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Dixie State U., Cal Poly Pomona Suspend Restrictive Speech Codes in Wake of FIRE-Led Lawsuits

PHILADELPHIA, May 7, 2015—Dixie State University in Utah and California State Polytechnic University, Pomona have both agreed this week to suspend numerous policies that substantially restrict students’ free speech rights on campus. The policy suspensions result from lawsuits filed this year as part of the Foundation for Individual Rights in Education’s (FIRE’s) Stand Up For Speech Litigation Project, an unprecedented and undefeated national effort to eliminate unconstitutional speech codes from the nation’s public colleges and universities.

“FIRE has been warning colleges for years that the Constitution is clear—there is no place for speech codes on a public college campus,” said FIRE President and CEO Greg Lukianoff. “When colleges and universities fail to meet their legal obligation to protect their students’ and faculty’s free speech rights, FIRE and Stand Up For Speech will be there to hold them accountable. We are encouraged by the developments at Dixie State and Cal Poly Pomona and are confident that the speech codes we’ve challenged will soon be permanently eliminated at both schools.”

On March 4, 2015, students William Jergins, Joey Gillespie, and Forrest Gee filed a federal lawsuit against Dixie State for restricting their free speech rights when the school refused to approve flyers promoting their Young Americans for Liberty (YAL) student group. Administrators claimed the flyers depicting President George W. Bush, President Barack Obama, and Cuban revolutionary Che Guevara violated university policy because they “disparage[d]” and “mock[ed]” individuals. An administrator also decreed that the group had to hold its “free speech wall” event in an inconveniently located “free speech zone” that neither the student-plaintiffs nor other administrators knew existed.

On March 31, student and animal rights activist Nicolas Tomas filed a federal lawsuit against Cal Poly Pomona after a university police officer stopped him from handing out animal rights flyers on a campus sidewalk. The officer directed Tomas to the Office of Student Life to obtain a “permit,” namely a badge that he would have to wear while distributing any written material. Furthermore, he would be confined to Cal Poly Pomona’s tiny “free speech zone”—a patch of turf that makes up less than 0.01 percent of campus.

“The Stand Up For Speech Litigation Project has demonstrated that, when challenged, colleges won’t even try to defend their unconstitutional speech codes in court—yet 54 percent of public colleges maintain them,” said FIRE Executive Director Robert Shibley. “Speech codes are losers, both in the court of law and in the court of public opinion, and schools can either make efforts to reform them or expose themselves to costly, unwinnable litigation.”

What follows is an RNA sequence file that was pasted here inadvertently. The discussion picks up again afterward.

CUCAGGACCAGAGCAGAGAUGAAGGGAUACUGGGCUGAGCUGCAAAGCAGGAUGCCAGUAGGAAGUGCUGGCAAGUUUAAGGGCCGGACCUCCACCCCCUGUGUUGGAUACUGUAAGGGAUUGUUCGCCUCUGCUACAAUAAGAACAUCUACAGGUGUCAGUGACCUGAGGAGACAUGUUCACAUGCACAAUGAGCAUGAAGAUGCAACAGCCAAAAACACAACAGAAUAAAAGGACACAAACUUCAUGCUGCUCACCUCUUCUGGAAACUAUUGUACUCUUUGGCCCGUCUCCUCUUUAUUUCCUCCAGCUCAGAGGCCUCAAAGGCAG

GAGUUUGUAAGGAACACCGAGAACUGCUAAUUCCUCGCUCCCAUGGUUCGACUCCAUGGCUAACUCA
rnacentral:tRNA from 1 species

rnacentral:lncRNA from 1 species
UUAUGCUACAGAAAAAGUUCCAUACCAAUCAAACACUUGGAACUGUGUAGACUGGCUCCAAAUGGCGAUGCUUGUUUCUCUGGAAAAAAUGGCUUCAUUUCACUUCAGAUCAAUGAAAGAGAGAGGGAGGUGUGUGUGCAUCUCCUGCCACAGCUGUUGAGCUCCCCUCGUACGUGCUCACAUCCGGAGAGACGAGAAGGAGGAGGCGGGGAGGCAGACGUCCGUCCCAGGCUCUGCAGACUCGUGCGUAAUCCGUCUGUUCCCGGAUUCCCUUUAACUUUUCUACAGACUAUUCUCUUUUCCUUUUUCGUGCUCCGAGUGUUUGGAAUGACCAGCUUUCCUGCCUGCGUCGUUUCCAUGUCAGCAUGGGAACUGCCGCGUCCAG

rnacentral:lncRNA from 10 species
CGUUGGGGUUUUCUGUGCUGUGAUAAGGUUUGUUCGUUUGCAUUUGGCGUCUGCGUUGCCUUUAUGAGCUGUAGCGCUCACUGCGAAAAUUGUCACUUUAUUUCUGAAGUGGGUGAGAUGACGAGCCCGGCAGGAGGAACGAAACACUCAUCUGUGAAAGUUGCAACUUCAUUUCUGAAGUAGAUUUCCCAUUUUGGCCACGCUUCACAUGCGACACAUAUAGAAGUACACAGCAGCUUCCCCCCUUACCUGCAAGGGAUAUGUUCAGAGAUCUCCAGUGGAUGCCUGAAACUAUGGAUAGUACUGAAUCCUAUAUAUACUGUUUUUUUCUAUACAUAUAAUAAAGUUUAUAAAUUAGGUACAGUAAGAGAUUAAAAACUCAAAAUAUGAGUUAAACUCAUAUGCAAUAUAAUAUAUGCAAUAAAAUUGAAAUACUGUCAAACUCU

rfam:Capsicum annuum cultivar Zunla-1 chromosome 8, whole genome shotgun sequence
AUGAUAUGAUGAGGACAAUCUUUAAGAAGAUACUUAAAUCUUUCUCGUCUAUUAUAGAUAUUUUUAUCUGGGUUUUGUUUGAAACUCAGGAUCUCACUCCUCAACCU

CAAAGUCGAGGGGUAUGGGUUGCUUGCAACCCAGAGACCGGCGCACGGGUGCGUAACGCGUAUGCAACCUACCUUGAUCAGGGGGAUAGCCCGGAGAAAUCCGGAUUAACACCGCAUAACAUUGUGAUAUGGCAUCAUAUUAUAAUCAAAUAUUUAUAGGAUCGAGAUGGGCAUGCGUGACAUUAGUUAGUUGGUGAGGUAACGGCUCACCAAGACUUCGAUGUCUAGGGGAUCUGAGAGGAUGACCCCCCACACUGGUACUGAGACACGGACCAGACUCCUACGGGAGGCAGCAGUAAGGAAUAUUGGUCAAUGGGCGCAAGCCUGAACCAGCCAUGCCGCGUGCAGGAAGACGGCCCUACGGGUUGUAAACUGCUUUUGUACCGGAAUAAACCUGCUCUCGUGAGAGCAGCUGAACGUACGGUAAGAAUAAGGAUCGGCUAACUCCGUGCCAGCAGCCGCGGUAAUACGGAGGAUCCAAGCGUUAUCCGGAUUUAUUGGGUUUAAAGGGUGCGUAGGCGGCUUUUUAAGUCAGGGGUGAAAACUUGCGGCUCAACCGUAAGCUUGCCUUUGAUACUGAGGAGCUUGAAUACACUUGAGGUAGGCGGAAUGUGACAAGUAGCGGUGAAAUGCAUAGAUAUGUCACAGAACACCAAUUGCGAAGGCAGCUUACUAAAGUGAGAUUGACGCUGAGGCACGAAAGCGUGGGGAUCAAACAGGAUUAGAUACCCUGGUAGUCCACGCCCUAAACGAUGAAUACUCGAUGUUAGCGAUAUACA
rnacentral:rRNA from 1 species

The suspension of the speech codes at the center of both lawsuits comes after productive discussions between Stand Up For Speech lawyers—First Amendment attorney Robert Corn-Revere of the law firm Davis Wright Tremaine and his colleagues Ronald London and Lisa Zycherman—and lawyers for each school. Settlement talks are planned to continue.

Thus far, FIRE’s Stand Up For Speech Litigation Project has filed nine lawsuits against public colleges and universities across the country, five of which have already been settled in favor of First Amendment rights. FIRE’s most recent victory came at Western Michigan University on April 30, 2015, a little over six months after the lawsuit was filed. The university agreed to reform its event policies to prevent it from effectively taxing speakers for their controversial messages, as it did in the spring of 2014 when it demanded that the plaintiffs pay a hefty security fee to host rapper and social activist Boots Riley on campus. The remaining four cases, including the Cal Poly Pomona and Dixie State cases, are still in active litigation.

FIRE is a nonprofit educational foundation that unites civil rights and civil liberties leaders, scholars, journalists, and public intellectuals from across the political and ideological spectrum on behalf of individual rights, freedom of expression, academic freedom, due process, and freedom of conscience at our nation’s colleges and universities. FIRE’s efforts to preserve liberty on campuses across America can be viewed at


Nico Perrino, Associate Director of Communications, FIRE: 215-717-3473;

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